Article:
A lot is happening in the business environment. It is action and reaction as always, but now it just happens at an increasingly faster pace. Some of the change is brought on by legislation, some by economics and some by technology. And yes, there will be winners and losers and a lot of folks in the middle.
Staying on top of these highly fluid, change agents with multiple actions and reactions is almost mindboggling and for many, very stressful. In prior articles, we have written about the health care legislation as one of the major changes rolling down the road. It is just one of many regulatory changes that have recently hit the books involving the human resource arena. If you turn to the financial aspects of doing business, the operating environment doesn’t get any better.
There are a number strategies to stay on top of the regulatory iceberg, but what about other areas of expertise? How do you obtain, manage and retain talented workers with the skills and knowledge to address the multiple aspects of running your business?
Historically, this has been managed with internal full-time staff, with outside consultants and venders. Most operating organizations spend a lot of effort to size staff to meet organization needs. Economics (margins, competitiveness, profit demand) now dictate more rapid adjustments: Do more with less. The stress levels within organizations are rising at an alarming rate due to this supply and demand imbalance, because labor costs are always seen as the easy leveling factor in saving the bottom line. People are viewed as expendable.
This condition of stress is causing a shift in employee mentality, one that will not allow business to operate as it has in the past. Overworked employees take shortcuts. Short-staff resources put employees in positions that broaden their responsibilities but often don’t have corresponding authority or training to do the job effectively. This is costly in many ways — some obvious but some that are hidden and surface over time.
Along comes technology and entrepreneurs with solutions. They create ways that allow employees to do more things — frequently more cheaply, quickly and generally more efficiently. However, the “cheaper” tool may be a double-edged sword. Now the employee can afford to buy the tools and go into business for themselves, and using the expertise and experience not built into the tools, sell their new-improved services back to the employer or client. They begin to get control back into their lives. They are rewarded for their extra effort and can decide on how many hours they want to work.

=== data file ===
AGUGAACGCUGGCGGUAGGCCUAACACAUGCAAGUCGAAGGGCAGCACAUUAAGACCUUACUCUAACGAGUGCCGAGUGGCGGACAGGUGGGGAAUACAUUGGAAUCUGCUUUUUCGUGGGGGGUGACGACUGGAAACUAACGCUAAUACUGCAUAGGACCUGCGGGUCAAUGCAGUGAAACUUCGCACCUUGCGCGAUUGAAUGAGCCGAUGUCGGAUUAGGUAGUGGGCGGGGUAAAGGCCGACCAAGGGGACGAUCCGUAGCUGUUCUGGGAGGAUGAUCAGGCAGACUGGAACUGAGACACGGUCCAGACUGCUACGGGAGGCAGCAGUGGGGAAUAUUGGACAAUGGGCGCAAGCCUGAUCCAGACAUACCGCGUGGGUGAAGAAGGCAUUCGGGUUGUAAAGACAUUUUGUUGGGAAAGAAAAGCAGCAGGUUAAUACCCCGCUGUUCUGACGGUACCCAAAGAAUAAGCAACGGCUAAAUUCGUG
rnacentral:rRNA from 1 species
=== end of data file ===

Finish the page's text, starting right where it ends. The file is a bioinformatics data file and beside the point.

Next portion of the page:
The technology entrepreneurs also are adding a new dimension to this mix. They are catering to these new professionals who go into business for themselves with other services. They can link up multiple service providers — for example, graphic designers with marketing professionals — on a project-by-project basis to provide an array of services sold back to the employer (now the client). These people work with associates of choice. They don’t have the company political hassles, the downsizing worries, the not-so-pleasant bosses, etc. You can even make an arrangement with the equivalent of a manufacturer’s rep to sell your services. Other considerations replace these, but more and more skilled employees will make the trade.
Current legislation will allow self-employed individuals to have the same benefits as when they worked for someone else by buying benefits on the exchange. Legislation also supports other key benefit programs, and other entrepreneurs are developing new, more cost-effective benefit options. You can make these decisions and not wait for the HR department to give you the option when it is right for the company. It is becoming much easier to be an independent contractor.
This change in the relationship to employers is not just speculation. There are a number of new surveys that show employees with skills are jumping ship and will do so more quickly as the economy gets better. That, combined with waves of baby boomers who soon will retire or die, will change the face of the way business has to be conducted.
It will be highly advisable to take stock as to where your organization is going and how they are going to get there. Succession planning, staff development and alternative staffing had better be part of your game plan if you want to meet your strategic goals, or even just stay in business. If you wait until the symptoms start to show, it may be too late: The “patient” may die unless you come up with a new solution, which may be a very expensive pill to swallow. Everyone else will be scrambling for the same pool of talent to save the “patient.” Planning and a proactive approach and some insight will determine the outcome.
Ardon Schambers is a principal at P3HR Consulting & Services.